Data Audit

The General Data Protection Regulation (GDPR) and Data Protection Act 2018 came into force in UK law on 25th May 2018.  The GDPR/DPA 2018 are far more structured than previous legislation and require more documentation to demonstrate compliance.  All the concepts from the previous legislation have been brought forward into the new laws, but are strengthened in the new laws to make it easier for the individual to keep control of their data in a more modern and technological environment. Everything was carried forward after Brexit – so now we have UK Data Protection legislation, including UK GDPR. 

PERSONAL DATA – is defined in the legislation as any information relating to a natural person.  “Special Category data” is categories of data within the classification that relate to subject matter such as “physical/ mental health or condition” or “political opinion”.  Special category data does NOT include financial information. 

“PRIVACY BY DESIGN”:  This concept is about looking at an organisation internally as a “standalone” and how data are processed.  Then making all policies/privacy notices etc unique to the business, but containing elements as required by ICO.  Under the previous system, this was “best practice” whereas under UK GDPR it becomes a legal requirement.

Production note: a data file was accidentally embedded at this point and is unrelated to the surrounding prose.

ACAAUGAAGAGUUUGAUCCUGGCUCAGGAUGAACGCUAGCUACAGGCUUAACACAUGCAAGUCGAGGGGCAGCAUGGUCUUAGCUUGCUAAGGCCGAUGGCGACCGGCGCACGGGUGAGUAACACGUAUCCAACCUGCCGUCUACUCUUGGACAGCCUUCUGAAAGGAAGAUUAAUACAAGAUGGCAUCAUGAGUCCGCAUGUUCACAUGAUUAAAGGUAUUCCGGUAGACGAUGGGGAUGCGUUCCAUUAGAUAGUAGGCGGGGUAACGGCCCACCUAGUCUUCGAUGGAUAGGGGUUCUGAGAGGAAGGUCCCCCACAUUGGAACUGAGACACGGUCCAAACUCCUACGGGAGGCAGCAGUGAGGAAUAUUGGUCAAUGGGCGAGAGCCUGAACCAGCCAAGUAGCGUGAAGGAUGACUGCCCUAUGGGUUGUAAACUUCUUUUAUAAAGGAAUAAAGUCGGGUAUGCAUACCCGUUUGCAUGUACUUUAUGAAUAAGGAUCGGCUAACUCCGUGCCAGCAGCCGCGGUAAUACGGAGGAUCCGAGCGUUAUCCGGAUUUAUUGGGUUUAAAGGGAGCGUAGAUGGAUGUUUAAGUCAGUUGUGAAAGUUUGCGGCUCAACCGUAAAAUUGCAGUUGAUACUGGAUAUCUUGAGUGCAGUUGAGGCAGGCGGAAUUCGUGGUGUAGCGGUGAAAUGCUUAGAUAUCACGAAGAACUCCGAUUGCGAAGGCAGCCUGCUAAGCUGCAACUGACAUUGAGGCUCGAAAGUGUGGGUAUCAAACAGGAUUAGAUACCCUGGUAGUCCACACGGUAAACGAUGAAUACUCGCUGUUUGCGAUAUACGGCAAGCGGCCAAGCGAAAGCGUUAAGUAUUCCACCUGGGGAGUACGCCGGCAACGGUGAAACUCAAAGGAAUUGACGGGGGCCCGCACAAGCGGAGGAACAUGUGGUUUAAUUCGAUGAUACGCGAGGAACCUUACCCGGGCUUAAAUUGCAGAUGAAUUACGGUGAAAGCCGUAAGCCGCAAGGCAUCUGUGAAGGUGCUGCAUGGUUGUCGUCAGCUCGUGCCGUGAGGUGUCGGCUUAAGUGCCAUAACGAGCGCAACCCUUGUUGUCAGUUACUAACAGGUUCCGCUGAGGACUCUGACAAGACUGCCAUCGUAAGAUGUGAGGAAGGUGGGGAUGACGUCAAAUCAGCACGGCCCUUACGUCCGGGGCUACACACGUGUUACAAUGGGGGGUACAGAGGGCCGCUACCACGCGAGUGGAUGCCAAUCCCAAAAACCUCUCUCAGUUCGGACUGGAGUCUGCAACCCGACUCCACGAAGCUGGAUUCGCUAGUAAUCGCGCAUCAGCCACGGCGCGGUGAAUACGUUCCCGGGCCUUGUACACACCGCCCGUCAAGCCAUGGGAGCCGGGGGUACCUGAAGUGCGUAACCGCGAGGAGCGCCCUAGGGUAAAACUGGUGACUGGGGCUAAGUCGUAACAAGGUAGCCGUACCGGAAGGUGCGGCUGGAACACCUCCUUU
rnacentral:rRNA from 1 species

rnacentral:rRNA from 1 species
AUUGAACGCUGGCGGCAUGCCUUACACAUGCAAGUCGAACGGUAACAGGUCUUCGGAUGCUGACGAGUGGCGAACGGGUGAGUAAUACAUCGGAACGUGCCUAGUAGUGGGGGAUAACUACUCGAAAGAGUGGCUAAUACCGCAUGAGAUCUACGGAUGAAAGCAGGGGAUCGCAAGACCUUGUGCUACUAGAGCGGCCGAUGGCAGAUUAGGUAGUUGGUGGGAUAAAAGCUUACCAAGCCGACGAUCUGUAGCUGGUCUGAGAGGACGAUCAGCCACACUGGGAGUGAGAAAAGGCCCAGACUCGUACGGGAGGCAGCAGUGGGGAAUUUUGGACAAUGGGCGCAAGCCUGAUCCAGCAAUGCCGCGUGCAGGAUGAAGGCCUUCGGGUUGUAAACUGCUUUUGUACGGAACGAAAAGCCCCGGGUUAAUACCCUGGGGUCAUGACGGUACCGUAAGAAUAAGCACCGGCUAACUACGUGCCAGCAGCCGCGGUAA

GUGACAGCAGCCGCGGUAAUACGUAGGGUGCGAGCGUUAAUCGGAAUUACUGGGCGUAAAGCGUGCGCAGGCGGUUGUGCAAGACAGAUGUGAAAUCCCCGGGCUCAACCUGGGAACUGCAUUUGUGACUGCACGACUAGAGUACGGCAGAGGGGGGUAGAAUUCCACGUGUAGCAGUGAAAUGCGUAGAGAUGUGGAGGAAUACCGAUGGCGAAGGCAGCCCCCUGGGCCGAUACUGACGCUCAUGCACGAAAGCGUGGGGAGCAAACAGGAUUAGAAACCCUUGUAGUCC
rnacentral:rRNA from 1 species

The business collects personal data/ special categories of data about: 

– clients – Clients’ family/friends – suppliers     – peers  

Data are held in manual and electronic formats – security measures to protect the data are in place.  Electronic data are held on a compliant cloud system and local server.  There is also a portable hard drive.  

PRIVACY NOTICES:  These are the new term for “Privacy Policy” or “data protection statement”.  There should now be one “main” Privacy Notice drafted and published on the website as the business’s main communication with the “outside” world. There are elements which the ICO expect to be included from their guidance. 

Then “Short” privacy notices should appear on anything produced by the business which collects personal information, including emails. 

Jill also has Facebook and Instagram accounts linked to the website as well. 

DATA RETENTION: This is an important feature of GDPR compliance.  The business should  – in theory – consider drawing up a Data Retention Schedule. This should identify types of data, where in the business it resides and how long it is kept for  – this depends on the reason for collection and processing and how long the business has a need for retention.  This document will be held internally, but will help if a Subject Access Request is received.  The reason I say “in theory” is that as a sole trader, Jill knows where all the data are held and there are backups in place which can be accessed if necessary by another.  

SUBJECT ACCESS REQUEST: The ICO has been conducting data audits for quite a while now.  They look for a procedure being in place to handle any Subject Access Requests . 

ACCOUNTABILITY : this is new documentation under the GDPR and is not intended to contribute to the “Transparency “ of the business’s compliance to the outside world.  However, this document should be drafted and held within the business should the ICO ever request it.  There is guidance from ICO on concepts they expect to be included.